Of course, Compaq is the leading PC manufacturer and has a vested interest in us not turning our backs on their offerings – which is why the company has brought out a thin client of its own, called the NetPC. In a nutshell, this is a Windows-based PC with no floppy drive – so it can’t be tinkered with. It is connected up to a network, in the same way as the NC, the application processing is done on the NetPC rather than on a central server.
James Griffiths, Compaq desktop product manager, sees the NC as product without a home. “The take-up of the NC is being held back by the lack of Java applications. Java is fine as a language or a piece of technology but not as the basis of applications. Therefore, most NCs are being used to access Windows applications and not Java ones, which begs the question: why adopt a new hardware device when you could just as easily stay with something everyone’s familiar with?”
Why, indeed? Sure, you and your senior management colleagues use a PC, running Windows and you probably need it to handle the work you have to do. But think about the staff of a call centre, maybe telephone banking, or car insurance that you buy over the phone. In these cases you don’t need the latest high-performance PC to get the job done, just access to the right information (account details and so on) on the screen at the right time.
It is at this level that choosing a thin client device makes sense. Ask yourself some questions. Does your organisation have large numbers of people performing routine tasks on a computer? Does the information they work on need to be safe, secure and managed from a central point? Are they using a small number of applications? If the answers are yes to the above then maybe thin clients would fit into your organisation. But if your workforce needs flexibility in its use of computing – lots of different applications – or needs to be able to go on the road with their computer then perhaps you should stick with your PCs.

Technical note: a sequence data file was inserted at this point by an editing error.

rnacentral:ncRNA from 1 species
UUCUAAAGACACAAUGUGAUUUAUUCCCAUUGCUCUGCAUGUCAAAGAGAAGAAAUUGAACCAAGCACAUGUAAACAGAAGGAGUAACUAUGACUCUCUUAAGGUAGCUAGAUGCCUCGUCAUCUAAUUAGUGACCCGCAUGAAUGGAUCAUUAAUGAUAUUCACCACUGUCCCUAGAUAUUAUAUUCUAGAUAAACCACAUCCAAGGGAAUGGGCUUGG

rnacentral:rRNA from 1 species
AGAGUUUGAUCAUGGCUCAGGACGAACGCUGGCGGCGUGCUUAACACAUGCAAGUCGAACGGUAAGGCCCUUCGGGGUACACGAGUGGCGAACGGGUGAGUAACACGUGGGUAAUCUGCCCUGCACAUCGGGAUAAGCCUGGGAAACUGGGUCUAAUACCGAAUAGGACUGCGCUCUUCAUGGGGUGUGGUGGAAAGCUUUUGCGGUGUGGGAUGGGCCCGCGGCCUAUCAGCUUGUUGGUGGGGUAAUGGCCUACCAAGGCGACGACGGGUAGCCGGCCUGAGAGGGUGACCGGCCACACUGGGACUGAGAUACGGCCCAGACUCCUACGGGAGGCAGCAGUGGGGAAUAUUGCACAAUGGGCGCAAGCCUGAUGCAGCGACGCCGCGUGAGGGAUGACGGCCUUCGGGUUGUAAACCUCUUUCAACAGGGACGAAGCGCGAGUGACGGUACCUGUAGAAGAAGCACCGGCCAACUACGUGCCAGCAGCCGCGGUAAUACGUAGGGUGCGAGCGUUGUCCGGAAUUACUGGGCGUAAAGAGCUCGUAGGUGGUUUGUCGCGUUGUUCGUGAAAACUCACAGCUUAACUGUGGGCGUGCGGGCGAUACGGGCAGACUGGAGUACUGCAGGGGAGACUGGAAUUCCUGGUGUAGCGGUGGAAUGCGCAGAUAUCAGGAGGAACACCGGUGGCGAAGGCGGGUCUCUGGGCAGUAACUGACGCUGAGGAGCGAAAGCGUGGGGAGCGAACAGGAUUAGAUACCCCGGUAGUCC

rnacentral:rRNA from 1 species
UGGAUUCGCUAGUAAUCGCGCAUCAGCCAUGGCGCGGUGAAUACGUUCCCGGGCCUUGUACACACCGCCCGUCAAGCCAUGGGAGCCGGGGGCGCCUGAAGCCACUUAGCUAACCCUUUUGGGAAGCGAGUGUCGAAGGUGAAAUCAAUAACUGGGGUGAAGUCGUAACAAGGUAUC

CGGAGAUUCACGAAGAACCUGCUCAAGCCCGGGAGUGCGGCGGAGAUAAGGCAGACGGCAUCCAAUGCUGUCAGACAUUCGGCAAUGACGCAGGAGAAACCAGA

Max Currie is the head of information services at insurance company General Accident. Currie is in the process of installing 4,000 NCs throughout the network of GA offices in the UK. The new machines are needed because the existing terminals cannot cope with the upgraded processing system which is also being installed. Currie explains that PCs would have been too powerful for what was needed. “We looked at using PCs but they need too much maintenance,” he adds. “Most of the work requires the PC working like a (dumb) terminal; the NC was ideal – it comes straight out of the box and acts just like a sophisticated terminal.”
For GA there was no big debate about wanting to reduce costs by investing in NCs: the NC fitted the description of what was needed. Although, as Currie points out: “We can avoid having a team of engineers out in vans patrolling the country just to keep 4,000 PCs going.”
What about the lack of applications for the NC? Again, Currie is unimpressed: the NCs in use by GA are connected to a central mainframe they do not rely on Java. “We’re looking into using Java to develop a helpline package – but we see it as simply a development language and as we’re not a big development house we’ll only be using it for a couple of applications.”
Currie thinks GA will eventually cut back on the number of PCs it uses, although he does not see the NC as a PC replacement and he admits that he sees no obvious role for the NetPC. He views the entire debate as merely a diversion. “The arguments tend to be presented in very black-and-white terms,” he says. “But you shouldn’t be motivated by the choice of hardware; it’s all down to the applications you’re planning to use.”
At the end of the day, you can find arguments for and against PCs, NCs and NetPCs without too much trouble. It may be that your IT department can identify a need for thin clients somewhere in your organisation. If that is the case you should concern yourself with what difference they will make to the day-to-day business. Naturally, the cost of buying and installing new technology has to be looked at carefully but it should not be looked at in isolation – will you be able to find cost savings in other areas?
If your IT manager can sit at his desk and monitor a network of hundreds of thin clients instead of having to roam the building, he should now be able to get on with other work that he rarely has time for. Perhaps such an outcome will mean he will have the time to look into what else the organisation might benefit from. In which case, how long do you think it will be before he comes running to tell you about the latest piece of “whizzo” technology that he must go out and buy – the whole industry’s buzzing with talk of it, you know …
Sean Flemming is senior reporter on Computing.